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The Mail on Sunday’s You Magazine

Tony Bennett                    December 10, 2006

I’ve left my heart in a London taxi that dropped Tony Bennett off at the Dorchester Hotel. The man who has made his 1962 hit ‘I Left My Heart In San Francisco’ his signature song, who has won 13 Grammy awards and who has released more than 100 albums over a six-decade career is in town to promote his album of duets, performed with everyone from Sting, Paul McCartney and Bono to Elton John, Celine Dion and Elvis Costello. And who wouldn’t want to sing and swing with such a stylish crooner? For Tony is the kind of gentleman who opens the cab door for me and would never encourage women in the audience to hurl their underwear at him. ‘That’s not my number,’ he says. ’I learned quality from Frank Sinatra and Lena Horne, who was a lady on stage – but you felt the sex coming out of her performance.’

  When the timeless Tony appeared at Glastonbury in 1998, he walked over bales of hay as if they were a red carpet to save his silk suit from the mud (‘that was fun’). ‘I was the Madonna of my day, except I never took my clothes off,’ says Tony, who has even warbled with Kermit the Frog and likes to keep an eye on changing trends. ‘I asked Fred Astaire once what he thought of miniskirts and he said, “I hope they never go away.” ‘And Tony gives me an irresistible grin.

  In his 80th year, he finds himself even hipper than ever. ‘It’s all happening for me – Clint Eastwood is doing a documentary on my life and the Smithsonian Institute just accepted one of my paintings,’ marvels Tony, a keen watercolourist who numbers David Hockney among his close friends. ‘So I finally made it, after 50 years of touring,’ he adds with another grin as our cabbie, John from Enfield, takes us to Mount Street to say hello to Tony’s favourite English tailor, Dougie Hayward (‘all the Hollywood stars use him’).

  A grandfather of four, Tony gets all misty-eyed at the sight of a crocodile of nursery-school tots passing by on the pavement before we head past his old apartment at 47 Grosvenor Square, where he lived for twoy ears in the late ‘60s. ‘I brought up my children for a while here,’ says this twice-divorced Anglophile,, delighted that his granddaughter Remy is now over here as a drama student at the Central School of Speech and Drama (‘Robert De Niro was responsible for helping to get her in by vouching for her’). Tony’s partner now is Susan Crow, 40 years his junior. ‘She’s wonderful, a beautiful person. I don’t know about marriage; we just get along so well,’ he says.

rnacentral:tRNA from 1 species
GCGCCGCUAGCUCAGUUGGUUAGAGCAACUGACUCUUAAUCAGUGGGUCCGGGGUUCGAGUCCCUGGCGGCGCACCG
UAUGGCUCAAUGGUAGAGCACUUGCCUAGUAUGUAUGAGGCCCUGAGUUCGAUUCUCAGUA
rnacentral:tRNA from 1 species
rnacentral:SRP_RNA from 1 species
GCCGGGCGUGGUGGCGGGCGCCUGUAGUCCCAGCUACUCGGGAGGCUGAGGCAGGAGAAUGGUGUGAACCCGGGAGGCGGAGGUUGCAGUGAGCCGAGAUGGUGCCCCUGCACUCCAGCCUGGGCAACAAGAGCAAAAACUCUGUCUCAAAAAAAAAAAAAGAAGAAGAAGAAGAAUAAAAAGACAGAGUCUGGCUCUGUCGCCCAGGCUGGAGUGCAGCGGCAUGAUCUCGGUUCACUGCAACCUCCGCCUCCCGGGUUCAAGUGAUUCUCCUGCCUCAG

Susan is assistant principal of the Frank Sinatra School of the Arts that Tony founded in the New York blue-collar suburb of Astoria, where he grew up as Anthony Dominick Benedetto. Although he now lives on Manhattan’s Central Park South, he still goes back to his old patch to play tennis three times a week and skip with his personal trainer. He also exercises by strolling around town without an entourage. ‘Off stage I’m just a citizen. I don’t feel the need to hide behind dark glasses; I learned that from Alec Guinness.’

  A former lift operator (‘I was so bad that people had to crawl out between floors’), he started his musical career as a singing waiter and got his big break when Sinatra named him his favourite singer. But Tony’s manager son Danny had to save his career from the doldrums in 1980, when Tony admits he was ‘one step away from bankruptcy’, and made him cool again with a new generation by relaunching him on MTV. He has survived everything, including taking cocaine. ‘They make a whole big thing out of my brush with drugs; it was very slight. I never overdosed in my life and I was never hospitalised,’ says Tony. ‘A reporter once asked me what I thought of Mick Jagger saying that he wasn’t going to be like me and Sinatra and go on and on, that he was going to retire to a castle in Spain. I said, “That’s like asking the lamp-post what it thinks of the dog.” ‘ But he brushes off Mick’s sneering remark, adding, ‘Anyway, it has gotten back to me that Keith Richards likes what I do.’

  And unlike Jagger, Tony doesn’t need a prompt yet to help him remember his lyrics. ‘If you make a mistake, a kind of divine inspiration sets in and you make up a line that comes out better,’ he chuckles. Meanwhile, there’ll be no retirement or even a long goodbye, Sinatra-style. ‘The only time it’s farewell,’ he says firmly, ‘is when I die.’

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